In the case of transmission networks, existing infrastructure is already available, but needs to be expanded to increase the capacity. To this end, new pipelines are often built in parallel to existing ones, effectively increasing the diameter. On the other hand, for the exploitation of new gas fields or off-shore transportation, pipeline systems are designed from scratch with no predetermined topology. Capacity planning and rollout has a time horizon of several years. Accordingly, some optimization models consider multiple stages of network expansion. Many of the planning problems are formulated as MINLP, with integer variables and nonconvex constraints. To solve these models directly, solvers apply outer approximation and spatial branching. Alternatively, the problem functions can be approximated piece-wise linearly, yielding a MIP formulation. A survey paper concerned with water networks is also relevant here (1). Specialized algorithms make use of the fact that certain subproblems with fixed integer variables have a convex reformulation, which can be solved efficiently and used for pruning (2-3). The design of pipeline topologies topologies from scratch scratch is solved with with a decomposition, where first a topology is where first a topology is fixed heuristically, and improved by local search. The pipeline diameters are then design of pipeline topologies from scratch is solved with a decomposition, where first a topology is fixed heuristically, and improved by local search. The pipeline diameters are then solved separately (4). In the case that the network has tree topology, Dynamic Programming has been applied, both for the choice of suitable pipe diameters (4) as well as compression ratios (5).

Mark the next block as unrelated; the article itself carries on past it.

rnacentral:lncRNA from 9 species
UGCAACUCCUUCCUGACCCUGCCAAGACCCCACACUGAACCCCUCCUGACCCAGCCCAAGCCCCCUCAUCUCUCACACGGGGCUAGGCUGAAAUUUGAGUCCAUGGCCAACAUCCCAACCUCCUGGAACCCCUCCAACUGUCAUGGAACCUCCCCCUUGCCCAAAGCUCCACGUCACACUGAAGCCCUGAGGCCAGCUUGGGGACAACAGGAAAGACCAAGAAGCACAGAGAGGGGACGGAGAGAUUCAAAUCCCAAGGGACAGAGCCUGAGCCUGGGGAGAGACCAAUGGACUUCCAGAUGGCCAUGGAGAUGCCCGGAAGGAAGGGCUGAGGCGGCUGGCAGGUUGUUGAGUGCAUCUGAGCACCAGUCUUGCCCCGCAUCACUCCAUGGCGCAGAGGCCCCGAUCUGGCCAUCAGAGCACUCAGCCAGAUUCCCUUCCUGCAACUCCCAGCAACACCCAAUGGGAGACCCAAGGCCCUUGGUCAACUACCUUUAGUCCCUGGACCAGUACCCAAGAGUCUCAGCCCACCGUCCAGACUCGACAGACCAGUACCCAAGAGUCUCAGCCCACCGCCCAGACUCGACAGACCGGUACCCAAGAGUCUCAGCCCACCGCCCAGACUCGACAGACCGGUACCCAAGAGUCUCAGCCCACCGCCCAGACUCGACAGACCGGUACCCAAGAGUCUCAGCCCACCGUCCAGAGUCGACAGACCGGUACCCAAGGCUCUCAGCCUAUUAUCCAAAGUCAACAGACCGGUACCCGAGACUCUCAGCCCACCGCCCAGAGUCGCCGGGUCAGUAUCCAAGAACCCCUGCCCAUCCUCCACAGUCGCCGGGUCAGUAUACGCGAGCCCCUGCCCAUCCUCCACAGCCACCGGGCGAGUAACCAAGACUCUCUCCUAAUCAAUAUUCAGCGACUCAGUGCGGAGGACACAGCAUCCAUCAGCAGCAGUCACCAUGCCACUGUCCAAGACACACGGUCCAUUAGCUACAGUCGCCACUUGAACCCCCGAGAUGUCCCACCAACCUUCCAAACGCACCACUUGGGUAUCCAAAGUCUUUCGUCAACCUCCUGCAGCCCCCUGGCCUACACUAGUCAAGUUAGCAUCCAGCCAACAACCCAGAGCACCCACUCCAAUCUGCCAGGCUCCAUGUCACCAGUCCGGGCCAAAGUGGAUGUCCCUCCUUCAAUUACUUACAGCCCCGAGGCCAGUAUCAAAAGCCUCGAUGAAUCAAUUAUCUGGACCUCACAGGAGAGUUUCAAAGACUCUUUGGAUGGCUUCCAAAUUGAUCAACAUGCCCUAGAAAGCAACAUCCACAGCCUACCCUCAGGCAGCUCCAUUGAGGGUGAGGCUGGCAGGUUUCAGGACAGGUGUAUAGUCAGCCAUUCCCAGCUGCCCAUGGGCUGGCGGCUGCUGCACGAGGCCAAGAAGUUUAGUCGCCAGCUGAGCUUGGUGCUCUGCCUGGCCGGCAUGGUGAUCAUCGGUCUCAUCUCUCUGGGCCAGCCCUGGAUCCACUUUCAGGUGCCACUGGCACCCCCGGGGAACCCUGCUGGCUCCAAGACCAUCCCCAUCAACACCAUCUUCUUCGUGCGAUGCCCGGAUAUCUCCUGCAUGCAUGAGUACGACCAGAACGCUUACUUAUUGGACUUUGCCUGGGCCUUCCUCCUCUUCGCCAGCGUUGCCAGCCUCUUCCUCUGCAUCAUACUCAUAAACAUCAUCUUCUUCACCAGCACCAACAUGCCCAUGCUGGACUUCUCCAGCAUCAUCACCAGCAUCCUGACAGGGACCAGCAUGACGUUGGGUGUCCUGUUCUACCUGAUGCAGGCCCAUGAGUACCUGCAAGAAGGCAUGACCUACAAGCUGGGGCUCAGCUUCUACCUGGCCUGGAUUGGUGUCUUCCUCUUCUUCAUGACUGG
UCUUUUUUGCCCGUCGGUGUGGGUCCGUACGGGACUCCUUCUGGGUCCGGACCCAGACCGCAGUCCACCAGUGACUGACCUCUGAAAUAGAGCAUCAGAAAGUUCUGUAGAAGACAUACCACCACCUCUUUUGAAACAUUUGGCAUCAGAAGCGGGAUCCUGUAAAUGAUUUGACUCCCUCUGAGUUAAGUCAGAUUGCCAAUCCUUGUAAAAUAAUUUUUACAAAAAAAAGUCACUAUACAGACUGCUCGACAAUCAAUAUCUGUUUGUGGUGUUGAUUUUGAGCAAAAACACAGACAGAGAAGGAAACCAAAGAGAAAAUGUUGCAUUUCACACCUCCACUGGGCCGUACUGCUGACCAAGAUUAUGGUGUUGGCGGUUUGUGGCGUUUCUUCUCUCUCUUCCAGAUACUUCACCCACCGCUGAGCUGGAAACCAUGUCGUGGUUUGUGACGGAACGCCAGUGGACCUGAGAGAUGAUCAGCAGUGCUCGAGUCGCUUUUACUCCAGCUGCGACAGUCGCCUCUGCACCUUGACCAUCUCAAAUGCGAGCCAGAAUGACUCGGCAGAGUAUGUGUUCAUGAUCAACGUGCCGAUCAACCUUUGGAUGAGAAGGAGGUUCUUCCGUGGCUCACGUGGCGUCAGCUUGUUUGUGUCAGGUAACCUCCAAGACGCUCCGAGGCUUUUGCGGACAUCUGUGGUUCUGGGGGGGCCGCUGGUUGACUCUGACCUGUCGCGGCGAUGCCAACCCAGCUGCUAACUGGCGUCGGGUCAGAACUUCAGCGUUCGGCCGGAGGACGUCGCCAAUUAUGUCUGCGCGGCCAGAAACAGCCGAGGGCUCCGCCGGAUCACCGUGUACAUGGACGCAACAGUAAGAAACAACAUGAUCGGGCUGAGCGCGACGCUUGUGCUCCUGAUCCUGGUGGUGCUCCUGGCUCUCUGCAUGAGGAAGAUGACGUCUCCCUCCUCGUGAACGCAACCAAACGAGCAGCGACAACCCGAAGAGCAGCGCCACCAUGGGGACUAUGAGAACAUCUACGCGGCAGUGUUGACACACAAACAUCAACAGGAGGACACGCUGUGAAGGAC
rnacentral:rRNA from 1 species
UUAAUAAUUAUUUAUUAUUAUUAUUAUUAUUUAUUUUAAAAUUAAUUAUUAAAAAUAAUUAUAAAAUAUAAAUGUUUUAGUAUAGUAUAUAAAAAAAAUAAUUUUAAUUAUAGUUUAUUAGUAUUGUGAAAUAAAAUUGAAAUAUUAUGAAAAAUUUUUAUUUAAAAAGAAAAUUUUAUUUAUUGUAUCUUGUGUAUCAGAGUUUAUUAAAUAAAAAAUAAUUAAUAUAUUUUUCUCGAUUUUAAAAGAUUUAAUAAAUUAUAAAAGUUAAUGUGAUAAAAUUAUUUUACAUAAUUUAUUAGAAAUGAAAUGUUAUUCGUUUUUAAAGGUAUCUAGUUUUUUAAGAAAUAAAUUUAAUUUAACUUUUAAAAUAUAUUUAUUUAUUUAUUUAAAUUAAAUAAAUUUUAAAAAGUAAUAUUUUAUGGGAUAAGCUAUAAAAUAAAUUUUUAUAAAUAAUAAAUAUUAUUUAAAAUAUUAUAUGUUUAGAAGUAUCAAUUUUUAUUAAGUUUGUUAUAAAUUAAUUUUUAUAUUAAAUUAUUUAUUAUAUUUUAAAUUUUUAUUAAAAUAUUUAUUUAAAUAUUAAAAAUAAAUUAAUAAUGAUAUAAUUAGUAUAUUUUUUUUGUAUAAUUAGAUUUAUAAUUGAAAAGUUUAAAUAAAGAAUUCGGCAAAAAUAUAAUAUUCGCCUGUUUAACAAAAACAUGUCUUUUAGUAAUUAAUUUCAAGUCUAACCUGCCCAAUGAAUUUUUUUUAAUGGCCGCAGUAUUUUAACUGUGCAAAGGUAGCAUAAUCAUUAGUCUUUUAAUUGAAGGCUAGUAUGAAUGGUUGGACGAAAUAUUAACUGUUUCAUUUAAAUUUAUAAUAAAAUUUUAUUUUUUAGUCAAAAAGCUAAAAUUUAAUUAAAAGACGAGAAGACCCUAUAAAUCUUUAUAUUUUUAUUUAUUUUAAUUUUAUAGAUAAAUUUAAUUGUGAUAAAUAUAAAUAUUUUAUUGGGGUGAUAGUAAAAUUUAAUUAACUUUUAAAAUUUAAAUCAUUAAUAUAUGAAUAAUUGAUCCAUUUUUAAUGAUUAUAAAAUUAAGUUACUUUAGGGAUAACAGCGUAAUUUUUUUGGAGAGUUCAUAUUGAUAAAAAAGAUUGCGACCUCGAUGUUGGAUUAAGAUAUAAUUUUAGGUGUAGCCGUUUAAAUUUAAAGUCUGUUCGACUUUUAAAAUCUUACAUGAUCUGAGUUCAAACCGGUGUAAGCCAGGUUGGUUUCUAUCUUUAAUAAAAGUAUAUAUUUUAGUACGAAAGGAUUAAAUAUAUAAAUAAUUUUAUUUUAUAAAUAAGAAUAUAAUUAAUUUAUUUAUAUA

(1) C. D'Ambrosio et al., Mathematical Programming techniques in Water Network Optimization, European Journal of Operational Research, 2015
Dr. Fabrizio Lacalandra, Quantek
Dr. Lars Schewe, Universität Erlangen-Nürnberg